Source: “The Navarre Bible: Text and Commentaries”. Biblical text from the
Revised Standard Version and New Vulgate. Commentaries by members of
the Faculty of Theology, University of Navarre, Spain.

Published by Four Courts Press, Kill Lane, Blackrock, Co. Dublin, Ireland, and
by Scepter Publishers in the United States. We encourage readers to purchase
The Navarre Bible for personal study. See Scepter Publishers for details.


#4

*From the Navarre Bible Commentary

Second Reading - From: 1 Timothy 1:12-17*

Paul Recalls His Own Conversion
-------------------------------

[12] I thank him who has given me strength for this, Christ Jesus our Lord, because he judged me faithful by appointing me to his service, [13] though I formerly blasphemed and persecuted and insulted him; but I received mercy because I had acted ignorantly in unbelief, [14] and the grace of our Lord overflowed for me with the faith and love that are in Christ Jesus. [15] The saying is sure and worthy of full acceptance, that Christ Jesus came into the world to save. And I am the foremost of sinners; [16] but I received mercy for this reason, that in me, as the foremost, Jesus Christ might display his perfect patience for an example to those who were to believe in him for eternal life. [17] To the king of ages, immortal, invisible, the only God, be honor and glory for ever and ever. Amen.


Commentary:

12-13. This clearly autobiographical passage, which shows the Apostle's humility (cf., e.g., 1 Cor 15:9-10), is evidence of the letter's Pauline authorship: it is difficult to believe that a later disciple would have dared to call St Paul a "blasphemer", "persecutor" or "insulter" or made him describe himself as "the foremost of sinners".

St Paul's conversion is an example of a miracle of grace; only by the mercy of God could he have been changed and become the Apostle of the Gentiles and such a faithful minister of the Gospel. This change which grace worked in Paul can also help all who approach the Church to have great confidence in God's mercy and forgiveness; like a good father, God is always ready to receive the repentant sinner.

The sacred text shows quite clearly that the initiative lies with God when it comes to calling people to Church office. The call to the priesthood is a grace from God; it is God who makes the choice and then he gives the person he has chosen the strength to fulfill his office worthily. In this connection Bishop Alvaro del Portillo has written: "Christian priesthood is not, then, in the line of ethical relationships among men nor on the level of a merely human attempt to approach God: it is a gift from God and it is irreversibly located on the vertical line of the search for man by his Creator and Sanctifier and on the sacramental line of the gratuitous opening up to man of God's intimate life. In other words, Christian priesthood is essentially (this is the only possible way it can be understood) an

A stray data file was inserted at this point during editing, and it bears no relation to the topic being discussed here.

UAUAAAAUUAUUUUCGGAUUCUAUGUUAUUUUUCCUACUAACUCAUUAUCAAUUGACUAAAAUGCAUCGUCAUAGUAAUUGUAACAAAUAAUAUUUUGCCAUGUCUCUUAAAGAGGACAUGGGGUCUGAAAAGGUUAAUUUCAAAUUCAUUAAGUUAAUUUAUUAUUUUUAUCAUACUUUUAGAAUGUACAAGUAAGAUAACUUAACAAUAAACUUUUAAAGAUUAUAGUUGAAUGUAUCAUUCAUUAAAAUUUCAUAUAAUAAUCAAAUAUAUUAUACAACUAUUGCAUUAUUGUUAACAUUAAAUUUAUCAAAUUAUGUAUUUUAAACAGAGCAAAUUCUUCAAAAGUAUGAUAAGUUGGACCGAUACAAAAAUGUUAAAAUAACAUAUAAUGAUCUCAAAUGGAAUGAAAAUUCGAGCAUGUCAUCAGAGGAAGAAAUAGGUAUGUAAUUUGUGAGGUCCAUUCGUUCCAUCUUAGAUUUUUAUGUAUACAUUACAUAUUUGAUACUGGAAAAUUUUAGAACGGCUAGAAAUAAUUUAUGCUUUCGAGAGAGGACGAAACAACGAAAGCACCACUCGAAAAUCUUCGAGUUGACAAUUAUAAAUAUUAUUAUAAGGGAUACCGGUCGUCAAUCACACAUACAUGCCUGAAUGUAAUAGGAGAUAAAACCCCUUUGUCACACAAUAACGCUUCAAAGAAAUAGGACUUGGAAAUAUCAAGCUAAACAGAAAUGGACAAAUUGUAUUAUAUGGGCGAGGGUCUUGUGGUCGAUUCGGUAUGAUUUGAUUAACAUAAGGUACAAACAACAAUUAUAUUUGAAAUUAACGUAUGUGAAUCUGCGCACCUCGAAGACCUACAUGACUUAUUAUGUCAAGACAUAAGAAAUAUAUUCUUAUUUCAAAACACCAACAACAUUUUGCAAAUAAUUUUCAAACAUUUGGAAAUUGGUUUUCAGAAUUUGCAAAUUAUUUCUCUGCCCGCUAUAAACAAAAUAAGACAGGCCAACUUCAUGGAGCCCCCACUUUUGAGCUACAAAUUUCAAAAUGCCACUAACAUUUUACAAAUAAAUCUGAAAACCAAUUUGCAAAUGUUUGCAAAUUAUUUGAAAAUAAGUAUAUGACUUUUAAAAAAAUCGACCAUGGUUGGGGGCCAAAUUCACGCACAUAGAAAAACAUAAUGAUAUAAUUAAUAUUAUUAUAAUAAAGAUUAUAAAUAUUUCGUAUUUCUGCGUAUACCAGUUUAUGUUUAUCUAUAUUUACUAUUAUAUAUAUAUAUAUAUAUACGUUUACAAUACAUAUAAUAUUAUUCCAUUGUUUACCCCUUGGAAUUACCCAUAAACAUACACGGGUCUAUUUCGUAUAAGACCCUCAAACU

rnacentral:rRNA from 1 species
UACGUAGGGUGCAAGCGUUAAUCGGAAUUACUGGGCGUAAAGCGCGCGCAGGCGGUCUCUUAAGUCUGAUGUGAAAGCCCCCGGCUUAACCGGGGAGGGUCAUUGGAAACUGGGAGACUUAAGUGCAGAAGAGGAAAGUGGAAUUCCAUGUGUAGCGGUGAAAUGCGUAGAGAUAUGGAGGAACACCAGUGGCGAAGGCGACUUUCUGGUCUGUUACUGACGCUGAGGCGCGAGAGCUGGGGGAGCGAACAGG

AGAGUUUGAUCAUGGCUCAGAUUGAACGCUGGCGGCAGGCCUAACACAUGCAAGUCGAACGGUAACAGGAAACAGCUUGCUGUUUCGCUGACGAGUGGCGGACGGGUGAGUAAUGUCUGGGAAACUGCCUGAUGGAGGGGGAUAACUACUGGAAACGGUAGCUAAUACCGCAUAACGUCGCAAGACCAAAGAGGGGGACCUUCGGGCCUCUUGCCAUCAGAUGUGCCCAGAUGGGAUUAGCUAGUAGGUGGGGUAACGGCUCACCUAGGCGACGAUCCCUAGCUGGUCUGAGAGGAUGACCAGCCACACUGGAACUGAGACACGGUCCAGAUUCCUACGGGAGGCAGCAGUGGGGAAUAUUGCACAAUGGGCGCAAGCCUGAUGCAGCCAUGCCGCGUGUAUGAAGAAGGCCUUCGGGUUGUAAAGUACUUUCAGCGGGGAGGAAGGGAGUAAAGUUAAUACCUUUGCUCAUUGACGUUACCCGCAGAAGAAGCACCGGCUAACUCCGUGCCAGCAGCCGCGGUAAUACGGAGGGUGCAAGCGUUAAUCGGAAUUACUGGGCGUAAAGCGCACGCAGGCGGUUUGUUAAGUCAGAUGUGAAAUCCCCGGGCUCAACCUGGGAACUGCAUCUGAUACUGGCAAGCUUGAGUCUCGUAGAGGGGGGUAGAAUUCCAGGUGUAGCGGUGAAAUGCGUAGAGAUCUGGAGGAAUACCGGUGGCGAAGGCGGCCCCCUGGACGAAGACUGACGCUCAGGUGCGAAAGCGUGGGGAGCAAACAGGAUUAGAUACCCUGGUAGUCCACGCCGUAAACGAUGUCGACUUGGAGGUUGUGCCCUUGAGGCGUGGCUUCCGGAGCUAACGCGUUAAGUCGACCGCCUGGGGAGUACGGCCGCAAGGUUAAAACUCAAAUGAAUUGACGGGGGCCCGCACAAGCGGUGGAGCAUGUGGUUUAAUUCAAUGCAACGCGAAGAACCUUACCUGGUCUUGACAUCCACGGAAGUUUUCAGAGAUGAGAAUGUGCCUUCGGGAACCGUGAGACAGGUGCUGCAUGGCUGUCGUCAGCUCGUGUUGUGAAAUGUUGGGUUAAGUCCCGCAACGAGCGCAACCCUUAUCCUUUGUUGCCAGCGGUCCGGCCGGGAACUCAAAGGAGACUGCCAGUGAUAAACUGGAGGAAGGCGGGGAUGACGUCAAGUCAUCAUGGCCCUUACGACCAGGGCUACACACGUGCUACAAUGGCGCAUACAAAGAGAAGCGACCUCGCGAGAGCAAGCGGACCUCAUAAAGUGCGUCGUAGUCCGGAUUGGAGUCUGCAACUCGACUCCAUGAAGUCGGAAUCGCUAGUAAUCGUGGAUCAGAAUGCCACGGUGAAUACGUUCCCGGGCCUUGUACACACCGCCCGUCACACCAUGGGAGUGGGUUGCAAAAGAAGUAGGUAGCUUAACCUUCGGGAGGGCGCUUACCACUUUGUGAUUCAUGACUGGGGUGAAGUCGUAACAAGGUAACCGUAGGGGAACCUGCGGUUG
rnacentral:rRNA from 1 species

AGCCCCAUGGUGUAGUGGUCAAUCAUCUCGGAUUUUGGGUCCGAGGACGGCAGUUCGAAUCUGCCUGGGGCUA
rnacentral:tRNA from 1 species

eminently sacred mission, both in its origin (Christ) and in its content (the divine mystery) and by the very manner in which it is conferred--a sacrament" ("On Priesthood", pp. 59f).

Concluded below...


#5
  1. "In Christ Jesus": this expression is being used with a special technical meaning: it refers to the position of the new man who, after the "washing of regeneration and renewal in the Holy Spirit" (Tit 3:5) which takes place at Baptism, is now united to Christ, made a Christian. At Baptism the mercy of God not only justifies the sinner but causes him to share profoundly in God's own life by means of grace, faith and love. These three gifts are a sign that the Christian has truly been built into the body of Christ (cf. 2 Tim 1:13).

  2. "The saying is sure and worthy of full acceptance": or, more literally, "Word of honor, which you can totally rely on". This form of words is used a number of times in the Pastoral Epistles to focus attention on some important doctrinal point (cf. 1 Tim 3:1; 4:9; 2 Tim 2:11; Tit 3-8).

The point being emphasized here is that "Christ Jesus came into the world to save sinners". The Apostle has condensed into very few words God's plan for the redemption of mankind, which he will go on to say more about later (cf. 1 Tim 2:3-7; Tit 2:11-14; 3:3-7). "The mercy of God is infinite," says St Francis of Assisi, "and, according to the Gospel, even if our sins were infinite, his mercy is yet greater than our sins. And the Apostle St Paul has said that Christ the blessed came into the world to save sinners" ("The Little Flowers of St Francis", chap. 26).

This is in fact one of the basic truths of faith and appears in the Creed: "For us men and for our salvation he came down from heaven". He came to save us from the only evil, that which can separate us from God--sin.